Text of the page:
I will be helping Fāilte Ireland create a more interactive online presence for the WAW. My first project is to observe how other tourist destinations promote and interact across their social media outlets. After creating an evaluation of other destinations, I will cross-reference Fāilte Ireland with them and develop new ideas to incorporate into their social media strategy. Gemma has also scheduled meetings with other employees to sit and talk with me about their role at Fāilte Ireland. My first meeting was with Alex Connelly.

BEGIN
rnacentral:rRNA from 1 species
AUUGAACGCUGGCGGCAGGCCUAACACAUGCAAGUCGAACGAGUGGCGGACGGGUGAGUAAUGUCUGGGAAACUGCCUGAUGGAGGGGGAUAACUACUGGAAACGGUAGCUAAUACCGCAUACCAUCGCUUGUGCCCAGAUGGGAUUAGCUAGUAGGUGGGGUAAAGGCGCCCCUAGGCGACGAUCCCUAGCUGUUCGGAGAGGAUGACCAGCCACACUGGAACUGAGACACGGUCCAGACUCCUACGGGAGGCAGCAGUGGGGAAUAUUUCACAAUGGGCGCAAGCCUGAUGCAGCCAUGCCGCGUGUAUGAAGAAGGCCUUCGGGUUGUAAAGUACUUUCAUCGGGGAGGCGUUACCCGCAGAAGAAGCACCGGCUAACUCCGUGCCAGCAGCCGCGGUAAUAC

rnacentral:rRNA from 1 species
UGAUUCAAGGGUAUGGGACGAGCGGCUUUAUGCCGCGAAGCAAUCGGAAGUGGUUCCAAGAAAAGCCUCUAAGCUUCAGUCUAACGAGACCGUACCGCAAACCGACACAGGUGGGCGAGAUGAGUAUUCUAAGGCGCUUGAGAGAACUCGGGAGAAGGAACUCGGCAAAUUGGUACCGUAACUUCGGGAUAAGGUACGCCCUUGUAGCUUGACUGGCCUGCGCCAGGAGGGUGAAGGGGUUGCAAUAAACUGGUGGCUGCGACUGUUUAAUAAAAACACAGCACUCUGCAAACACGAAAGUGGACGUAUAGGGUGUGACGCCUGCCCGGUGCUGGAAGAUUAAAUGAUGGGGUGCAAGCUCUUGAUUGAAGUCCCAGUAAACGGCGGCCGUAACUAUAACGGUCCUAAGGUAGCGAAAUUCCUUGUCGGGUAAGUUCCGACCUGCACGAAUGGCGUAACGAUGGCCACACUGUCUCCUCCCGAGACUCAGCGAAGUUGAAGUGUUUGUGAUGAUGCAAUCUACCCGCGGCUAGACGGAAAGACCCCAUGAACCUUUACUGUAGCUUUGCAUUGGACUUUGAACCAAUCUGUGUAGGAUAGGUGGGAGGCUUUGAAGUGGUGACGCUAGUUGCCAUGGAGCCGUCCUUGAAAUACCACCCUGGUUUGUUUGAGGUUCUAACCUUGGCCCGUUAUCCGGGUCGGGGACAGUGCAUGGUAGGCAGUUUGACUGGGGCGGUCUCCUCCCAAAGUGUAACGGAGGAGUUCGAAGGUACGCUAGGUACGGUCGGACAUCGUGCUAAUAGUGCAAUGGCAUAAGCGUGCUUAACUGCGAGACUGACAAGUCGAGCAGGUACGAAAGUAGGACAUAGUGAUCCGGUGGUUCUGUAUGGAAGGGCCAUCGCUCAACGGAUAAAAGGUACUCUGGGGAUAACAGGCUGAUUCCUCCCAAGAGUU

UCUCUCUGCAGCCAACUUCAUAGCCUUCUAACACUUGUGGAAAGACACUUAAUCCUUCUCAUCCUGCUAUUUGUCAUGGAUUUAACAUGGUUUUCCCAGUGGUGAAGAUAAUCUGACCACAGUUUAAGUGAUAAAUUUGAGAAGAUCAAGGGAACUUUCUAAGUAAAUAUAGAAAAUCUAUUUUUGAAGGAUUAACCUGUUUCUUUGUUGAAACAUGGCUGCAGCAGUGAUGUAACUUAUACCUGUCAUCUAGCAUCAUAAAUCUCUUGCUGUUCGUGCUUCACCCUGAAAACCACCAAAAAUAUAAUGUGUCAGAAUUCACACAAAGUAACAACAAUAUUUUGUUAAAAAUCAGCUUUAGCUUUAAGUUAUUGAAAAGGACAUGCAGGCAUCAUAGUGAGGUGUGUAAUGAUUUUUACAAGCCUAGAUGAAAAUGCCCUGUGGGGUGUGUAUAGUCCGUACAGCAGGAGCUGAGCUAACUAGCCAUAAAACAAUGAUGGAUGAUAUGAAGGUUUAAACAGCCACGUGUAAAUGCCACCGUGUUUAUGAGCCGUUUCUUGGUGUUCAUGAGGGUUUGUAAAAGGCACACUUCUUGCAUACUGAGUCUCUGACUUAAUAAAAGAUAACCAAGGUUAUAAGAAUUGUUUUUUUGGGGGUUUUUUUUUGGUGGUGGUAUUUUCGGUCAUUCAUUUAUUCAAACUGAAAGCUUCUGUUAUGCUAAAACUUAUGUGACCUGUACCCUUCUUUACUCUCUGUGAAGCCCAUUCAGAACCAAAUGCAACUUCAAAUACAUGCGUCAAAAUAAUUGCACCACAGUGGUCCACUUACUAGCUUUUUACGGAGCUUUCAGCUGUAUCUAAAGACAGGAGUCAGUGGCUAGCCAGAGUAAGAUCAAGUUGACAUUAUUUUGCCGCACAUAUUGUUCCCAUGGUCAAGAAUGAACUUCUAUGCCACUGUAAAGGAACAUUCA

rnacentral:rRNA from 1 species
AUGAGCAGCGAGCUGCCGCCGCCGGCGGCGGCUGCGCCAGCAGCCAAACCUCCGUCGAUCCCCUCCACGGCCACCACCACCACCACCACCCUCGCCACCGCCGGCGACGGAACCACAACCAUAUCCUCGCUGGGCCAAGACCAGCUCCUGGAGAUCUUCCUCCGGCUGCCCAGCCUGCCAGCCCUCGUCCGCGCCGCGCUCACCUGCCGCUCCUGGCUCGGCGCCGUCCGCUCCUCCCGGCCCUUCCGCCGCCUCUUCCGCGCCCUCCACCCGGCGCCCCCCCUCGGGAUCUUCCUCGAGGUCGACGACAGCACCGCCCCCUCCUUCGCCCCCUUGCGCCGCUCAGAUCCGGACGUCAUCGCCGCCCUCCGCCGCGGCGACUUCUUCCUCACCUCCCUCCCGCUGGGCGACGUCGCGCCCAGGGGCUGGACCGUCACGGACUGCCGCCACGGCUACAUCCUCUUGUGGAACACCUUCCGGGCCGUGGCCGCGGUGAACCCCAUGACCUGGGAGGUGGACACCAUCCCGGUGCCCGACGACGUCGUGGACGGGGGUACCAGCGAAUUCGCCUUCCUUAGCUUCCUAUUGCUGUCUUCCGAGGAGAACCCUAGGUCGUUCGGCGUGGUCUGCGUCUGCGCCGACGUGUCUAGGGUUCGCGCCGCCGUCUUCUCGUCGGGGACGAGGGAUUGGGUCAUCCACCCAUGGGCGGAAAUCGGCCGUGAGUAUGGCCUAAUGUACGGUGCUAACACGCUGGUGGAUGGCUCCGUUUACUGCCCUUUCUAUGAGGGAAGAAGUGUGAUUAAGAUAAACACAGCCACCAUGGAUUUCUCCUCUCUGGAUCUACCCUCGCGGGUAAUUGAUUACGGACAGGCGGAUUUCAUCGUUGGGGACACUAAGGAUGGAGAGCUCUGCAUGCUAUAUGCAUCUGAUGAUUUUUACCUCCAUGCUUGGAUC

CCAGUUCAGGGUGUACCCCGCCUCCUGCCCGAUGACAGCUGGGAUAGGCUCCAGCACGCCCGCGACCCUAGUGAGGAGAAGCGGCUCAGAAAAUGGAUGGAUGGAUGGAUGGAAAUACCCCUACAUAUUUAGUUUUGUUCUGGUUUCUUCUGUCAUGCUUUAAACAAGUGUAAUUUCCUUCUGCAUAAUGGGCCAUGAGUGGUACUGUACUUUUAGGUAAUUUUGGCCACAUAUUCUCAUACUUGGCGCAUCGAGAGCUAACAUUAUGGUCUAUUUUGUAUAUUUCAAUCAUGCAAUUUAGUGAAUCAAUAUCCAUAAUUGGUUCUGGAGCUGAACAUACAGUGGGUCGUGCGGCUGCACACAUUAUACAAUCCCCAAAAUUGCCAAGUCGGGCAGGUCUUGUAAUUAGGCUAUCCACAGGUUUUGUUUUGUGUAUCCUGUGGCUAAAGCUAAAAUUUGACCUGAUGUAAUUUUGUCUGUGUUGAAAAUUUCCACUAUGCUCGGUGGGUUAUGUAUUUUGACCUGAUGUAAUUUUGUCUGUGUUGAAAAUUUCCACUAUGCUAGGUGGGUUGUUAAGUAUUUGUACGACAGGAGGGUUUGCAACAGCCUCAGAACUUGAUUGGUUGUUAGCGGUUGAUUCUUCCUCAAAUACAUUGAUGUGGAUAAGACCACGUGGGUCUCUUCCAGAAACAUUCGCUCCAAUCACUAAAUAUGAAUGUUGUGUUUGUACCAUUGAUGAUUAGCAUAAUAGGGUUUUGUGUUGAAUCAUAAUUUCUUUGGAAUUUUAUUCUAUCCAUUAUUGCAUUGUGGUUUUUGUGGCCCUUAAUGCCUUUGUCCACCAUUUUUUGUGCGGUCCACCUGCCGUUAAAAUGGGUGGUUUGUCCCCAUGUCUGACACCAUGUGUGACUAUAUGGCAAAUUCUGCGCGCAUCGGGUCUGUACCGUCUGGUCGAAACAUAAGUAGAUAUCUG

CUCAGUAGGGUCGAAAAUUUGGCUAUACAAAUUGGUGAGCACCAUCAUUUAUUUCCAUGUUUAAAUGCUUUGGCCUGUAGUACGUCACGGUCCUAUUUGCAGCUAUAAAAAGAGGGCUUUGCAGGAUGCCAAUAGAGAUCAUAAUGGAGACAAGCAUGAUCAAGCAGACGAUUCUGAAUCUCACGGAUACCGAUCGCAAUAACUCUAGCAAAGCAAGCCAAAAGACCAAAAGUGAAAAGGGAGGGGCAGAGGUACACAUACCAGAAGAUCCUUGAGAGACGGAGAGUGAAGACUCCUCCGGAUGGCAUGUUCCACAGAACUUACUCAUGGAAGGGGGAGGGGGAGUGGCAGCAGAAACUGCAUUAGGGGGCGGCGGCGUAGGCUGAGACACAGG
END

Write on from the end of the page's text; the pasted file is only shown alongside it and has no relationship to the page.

Tuesday I had the opportunity to speak with Alex Connelly the Head of Communications at Fāilte Ireland. He spoke about his responsibilities and objectives for Fāilte Ireland. He also expressed that his career in communications was accidental. After graduating from university with a Liberal Arts degree, he began his job hunt and stumbled about a position at a Secondary school as a Teacher. He later entered the health field as a communicator for several hospitals preparing crisis management press releases. After his is time there, he began at Fāilte Ireland where he has worked happily now for the last nine years. Fāilte Ireland’s work has been incredibly beneficial to Ireland’s economy and people. The empirical data shows that tourism has helped generate a bright future for the Irish. Domestic travel has created over 200,000 jobs in the Irish tourism industry and generated a total revenue of 4.6 billion dollars from domestic tourism alone. Alex explained the importance of keeping the target audience, the locals, engaged through several mediums like radio, television, print and digital. Fāilte Ireland does not use the same promotional materials with the locals and international visitors. Mr. Connelly’s office wall is tagged with newspaper and magazine cutouts of their articles stressing the benefits of Fāilte Ireland. Without the tax payer’s money Fāilte Ireland would seize to exist, so Mr. Connelly says much of their marketing material focuses on the benefits and objectives of Fāilte Ireland. The articles will stress the importance of small businesses, the job market and the revenue generated. Whereas the international promotion focuses on branding Ireland as a fun and exciting tourist destinations. International visitors don’t care to hear about how their travels are assisting Ireland’s economy, but would rather hear about the priceless memories they can create during their time there.IMG_0860 2